"It is easy, when you are young, to believe that what you desire is no less than what you deserve, to assume that if you want something badly enough, it is your God-given right to have it. When I decided to go to Alaska that April, like Chris McCandless, I was a raw youth who mistook passion for insight and acted according to an obscure, gap-ridden logic. I thought climbing the Devils Thumb would fix all that was wrong with my life. In the end, of course, it changed almost nothing. But I came to appreciate that mountains make poor receptacles for dreams. And I lived to tell my tale."
The first sentence of that paragraph has been my guiding thought for years now.
"What you desire is no less than what you deserve, if you want something badly enough, it is your God-given right to have it."
I've repeated it to myself... heck knows how many times now: on beaches; on wintery roads; in shopping malls; rafting. I've done it whilst hanging up washing, and when falling asleep. I've done it whilst breastfeeding at 3 o'clock at night, and cooking dinner at six.
I've done it everywhere.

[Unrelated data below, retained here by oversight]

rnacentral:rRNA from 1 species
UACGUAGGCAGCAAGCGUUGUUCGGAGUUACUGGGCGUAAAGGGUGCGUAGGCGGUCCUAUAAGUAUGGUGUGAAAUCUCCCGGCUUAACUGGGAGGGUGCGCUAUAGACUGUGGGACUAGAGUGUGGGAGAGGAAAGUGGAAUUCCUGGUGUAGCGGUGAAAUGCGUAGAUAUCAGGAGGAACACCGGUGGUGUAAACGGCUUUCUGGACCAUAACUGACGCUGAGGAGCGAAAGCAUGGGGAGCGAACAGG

And it... encapsulates me.
As many times as I've repeated it to myself now - which is many - I've only recently discovered that there even exists another sentence there. "I was a raw youth who mistook passion for insight."
"Dang!" I thought when I read that bit, "That would make an awesome blog title!" And so that's where I've got it from.
I like that there are two sides to it. There is having passion for insight - as in, wanting to look into things and wanting to understand how the world works, and boy do I do that well!
But there is also mistaking passion for insight - and God knows I've done that, too.
So, all in all, "Passion For Insight" is about yearning for understanding and - occasionally - about mistaking one for another.
I love sharing. I tell stories, and listen to stories a lot. One day I may even feel like I am ready to grow out of assuming that if I want something badly enough, it is my God-given right to have it, but even if that day arrives one day – it isn’t here yet.